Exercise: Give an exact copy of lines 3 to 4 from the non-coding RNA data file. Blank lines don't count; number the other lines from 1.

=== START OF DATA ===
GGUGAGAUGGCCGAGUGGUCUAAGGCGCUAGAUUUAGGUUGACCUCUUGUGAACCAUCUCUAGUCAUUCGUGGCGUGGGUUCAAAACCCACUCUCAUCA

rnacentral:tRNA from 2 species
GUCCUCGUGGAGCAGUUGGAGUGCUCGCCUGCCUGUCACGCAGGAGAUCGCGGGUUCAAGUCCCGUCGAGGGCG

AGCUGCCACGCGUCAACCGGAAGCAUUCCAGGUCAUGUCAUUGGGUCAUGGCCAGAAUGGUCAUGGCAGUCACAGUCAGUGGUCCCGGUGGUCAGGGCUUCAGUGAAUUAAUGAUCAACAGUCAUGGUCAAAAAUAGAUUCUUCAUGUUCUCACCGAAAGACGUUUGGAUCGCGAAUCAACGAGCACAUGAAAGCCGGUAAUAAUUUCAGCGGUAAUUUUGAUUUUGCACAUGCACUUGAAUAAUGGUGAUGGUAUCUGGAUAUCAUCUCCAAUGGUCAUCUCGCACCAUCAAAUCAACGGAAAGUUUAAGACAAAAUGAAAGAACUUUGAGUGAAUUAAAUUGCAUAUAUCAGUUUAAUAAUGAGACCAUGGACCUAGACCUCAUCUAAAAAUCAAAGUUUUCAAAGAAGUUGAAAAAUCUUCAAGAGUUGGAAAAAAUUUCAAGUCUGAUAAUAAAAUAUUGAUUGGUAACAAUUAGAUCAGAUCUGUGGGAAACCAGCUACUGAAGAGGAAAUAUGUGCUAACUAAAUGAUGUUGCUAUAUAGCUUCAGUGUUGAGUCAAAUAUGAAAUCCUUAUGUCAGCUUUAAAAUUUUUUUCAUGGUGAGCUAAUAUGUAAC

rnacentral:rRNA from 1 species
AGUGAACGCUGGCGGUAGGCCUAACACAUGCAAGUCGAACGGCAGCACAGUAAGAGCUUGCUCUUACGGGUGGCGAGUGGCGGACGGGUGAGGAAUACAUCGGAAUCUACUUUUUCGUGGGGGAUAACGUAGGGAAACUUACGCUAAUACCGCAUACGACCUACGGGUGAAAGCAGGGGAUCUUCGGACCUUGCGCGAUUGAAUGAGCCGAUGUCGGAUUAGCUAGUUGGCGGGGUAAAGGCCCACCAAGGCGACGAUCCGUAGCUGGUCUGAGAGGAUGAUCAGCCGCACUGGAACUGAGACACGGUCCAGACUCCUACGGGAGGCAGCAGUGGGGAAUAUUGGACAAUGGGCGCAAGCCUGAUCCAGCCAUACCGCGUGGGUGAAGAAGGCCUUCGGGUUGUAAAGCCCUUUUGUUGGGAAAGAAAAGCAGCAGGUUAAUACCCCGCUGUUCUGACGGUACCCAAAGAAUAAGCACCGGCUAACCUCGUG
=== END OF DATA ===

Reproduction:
GUCCUCGUGGAGCAGUUGGAGUGCUCGCCUGCCUGUCACGCAGGAGAUCGCGGGUUCAAGUCCCGUCGAGGGCG

AGCUGCCACGCGUCAACCGGAAGCAUUCCAGGUCAUGUCAUUGGGUCAUGGCCAGAAUGGUCAUGGCAGUCACAGUCAGUGGUCCCGGUGGUCAGGGCUUCAGUGAAUUAAUGAUCAACAGUCAUGGUCAAAAAUAGAUUCUUCAUGUUCUCACCGAAAGACGUUUGGAUCGCGAAUCAACGAGCACAUGAAAGCCGGUAAUAAUUUCAGCGGUAAUUUUGAUUUUGCACAUGCACUUGAAUAAUGGUGAUGGUAUCUGGAUAUCAUCUCCAAUGGUCAUCUCGCACCAUCAAAUCAACGGAAAGUUUAAGACAAAAUGAAAGAACUUUGAGUGAAUUAAAUUGCAUAUAUCAGUUUAAUAAUGAGACCAUGGACCUAGACCUCAUCUAAAAAUCAAAGUUUUCAAAGAAGUUGAAAAAUCUUCAAGAGUUGGAAAAAAUUUCAAGUCUGAUAAUAAAAUAUUGAUUGGUAACAAUUAGAUCAGAUCUGUGGGAAACCAGCUACUGAAGAGGAAAUAUGUGCUAACUAAAUGAUGUUGCUAUAUAGCUUCAGUGUUGAGUCAAAUAUGAAAUCCUUAUGUCAGCUUUAAAAUUUUUUUCAUGGUGAGCUAAUAUGUAAC